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Genial, enthusiastic and immensely knowledgable about his natural surroundings, his invitation to families and corporate clients to escape from their computer screens and mobile phones and get back to nature is clearly one that resonates with his guests.

More than 1,000 people have joined him for his woodland wanders, learning about a variety of things on the way – from recognising different trees to appreciating the uses made of different types of wood and the delights of foraging.

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“It’s a very primal thing,” grins David. “There are half a dozen different ways of lighting a fire.”

Guests needn’t worry about having to hunt, trap and enviscerate cute woodland creatures though. Although he has spent time in the army – he joined the Royal Engineers as a teenager and spent six years as a surveyor, serving in Belize – there’s nothing military or survivalist about his courses.

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He launched this outdoor events business back in 2010 after years of studying bushcraft and leadership skills, culminating in a year-long course with John Rhyder’s Woodcraft School in West Sussex, which he enjoyed immensely.

Teaching experience with the Scouts was consolidated through trips abroad – like a visit five years ago to spend time with Maasai tribes in Kenya’s Rift Valley, which confirmed the pleasure he gets from imparting knowledge to young people.

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When he was growing up, he learned through play – building structures and making things, then improving them when they fell down or broke. Those practical skills are still in demand today as a new generation of woodland adventurers learn how to tie ropes, erect hammocks, light fires and make shelters. They might even end up making bows and arrows.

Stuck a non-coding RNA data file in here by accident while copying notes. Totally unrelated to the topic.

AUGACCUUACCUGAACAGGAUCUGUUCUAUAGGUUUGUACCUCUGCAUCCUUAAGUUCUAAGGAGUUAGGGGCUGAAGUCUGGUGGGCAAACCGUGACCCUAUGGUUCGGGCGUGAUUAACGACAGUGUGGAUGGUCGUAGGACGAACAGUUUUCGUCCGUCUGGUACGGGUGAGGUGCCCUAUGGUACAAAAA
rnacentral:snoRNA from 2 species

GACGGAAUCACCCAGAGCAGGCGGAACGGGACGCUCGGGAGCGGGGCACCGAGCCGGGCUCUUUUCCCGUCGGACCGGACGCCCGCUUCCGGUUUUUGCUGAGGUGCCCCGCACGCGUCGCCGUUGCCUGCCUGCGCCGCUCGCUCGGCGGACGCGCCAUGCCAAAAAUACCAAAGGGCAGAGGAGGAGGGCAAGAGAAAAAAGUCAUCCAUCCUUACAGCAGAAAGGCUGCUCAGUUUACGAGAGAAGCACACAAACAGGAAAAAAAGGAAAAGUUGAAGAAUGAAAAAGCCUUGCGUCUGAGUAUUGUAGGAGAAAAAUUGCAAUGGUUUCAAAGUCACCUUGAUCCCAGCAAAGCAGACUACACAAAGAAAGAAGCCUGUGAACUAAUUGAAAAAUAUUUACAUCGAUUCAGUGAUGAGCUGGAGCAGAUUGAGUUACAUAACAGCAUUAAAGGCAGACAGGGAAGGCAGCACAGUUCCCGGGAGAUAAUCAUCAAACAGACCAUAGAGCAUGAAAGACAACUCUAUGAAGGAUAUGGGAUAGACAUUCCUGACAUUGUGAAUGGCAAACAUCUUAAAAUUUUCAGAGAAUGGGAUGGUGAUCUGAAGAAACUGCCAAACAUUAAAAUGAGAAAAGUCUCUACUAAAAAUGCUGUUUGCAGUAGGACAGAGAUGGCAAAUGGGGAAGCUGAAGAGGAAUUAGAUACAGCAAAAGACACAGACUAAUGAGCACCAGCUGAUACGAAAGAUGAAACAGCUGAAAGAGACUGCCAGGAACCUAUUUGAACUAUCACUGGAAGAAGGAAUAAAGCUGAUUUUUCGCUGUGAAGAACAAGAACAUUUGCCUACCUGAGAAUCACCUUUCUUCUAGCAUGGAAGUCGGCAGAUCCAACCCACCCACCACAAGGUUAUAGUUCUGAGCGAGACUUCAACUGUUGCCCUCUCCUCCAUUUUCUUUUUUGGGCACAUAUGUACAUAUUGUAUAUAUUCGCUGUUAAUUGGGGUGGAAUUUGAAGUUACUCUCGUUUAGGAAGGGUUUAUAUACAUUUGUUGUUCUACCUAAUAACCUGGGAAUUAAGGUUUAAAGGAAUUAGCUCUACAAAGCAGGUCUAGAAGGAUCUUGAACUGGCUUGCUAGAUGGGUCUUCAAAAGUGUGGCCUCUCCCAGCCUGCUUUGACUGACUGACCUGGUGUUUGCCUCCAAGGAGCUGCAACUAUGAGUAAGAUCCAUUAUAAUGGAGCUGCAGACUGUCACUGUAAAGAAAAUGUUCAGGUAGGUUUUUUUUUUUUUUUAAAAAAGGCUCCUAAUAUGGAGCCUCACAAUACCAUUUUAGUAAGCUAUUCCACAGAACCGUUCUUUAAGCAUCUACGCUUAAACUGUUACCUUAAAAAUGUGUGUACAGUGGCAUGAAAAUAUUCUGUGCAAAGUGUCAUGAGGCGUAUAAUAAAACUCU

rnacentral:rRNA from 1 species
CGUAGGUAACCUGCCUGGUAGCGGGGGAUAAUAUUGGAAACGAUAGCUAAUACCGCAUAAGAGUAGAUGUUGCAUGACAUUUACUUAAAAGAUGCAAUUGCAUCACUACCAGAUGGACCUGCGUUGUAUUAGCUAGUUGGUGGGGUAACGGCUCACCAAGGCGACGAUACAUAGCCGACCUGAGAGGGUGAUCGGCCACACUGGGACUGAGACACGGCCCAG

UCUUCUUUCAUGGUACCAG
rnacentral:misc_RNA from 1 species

“It’s great just generally for mental health,” says David. “It does everyone a lot of good to be outdoors.”

These events are all about pitching in and getting involved, so even as we speak, the flour, yeast and water is being mixed so that we can try our hand at bread-making.

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It may not be the most sophisticated of kitchens and the woodsmoke is swirling everywhere, but we make a decent fist of kneading a couple of small loaves that can be baked in David’s Dutch oven while we discuss the relative merits of hornbeam, burch, cherry and larch wood.

A local lad, David and his friend started to cycle further afield as boys, exploring Black Park and Burnham Beeches before his family moved to the New Forest for a while,  helping to cement his love of wild places and woodland surroundings.

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So is it the solitude, the sound of the birds, the grounding in nature, the safety of a home-made shelter among the trees that makes this feel like home? Probably all of these reasons, he confirms.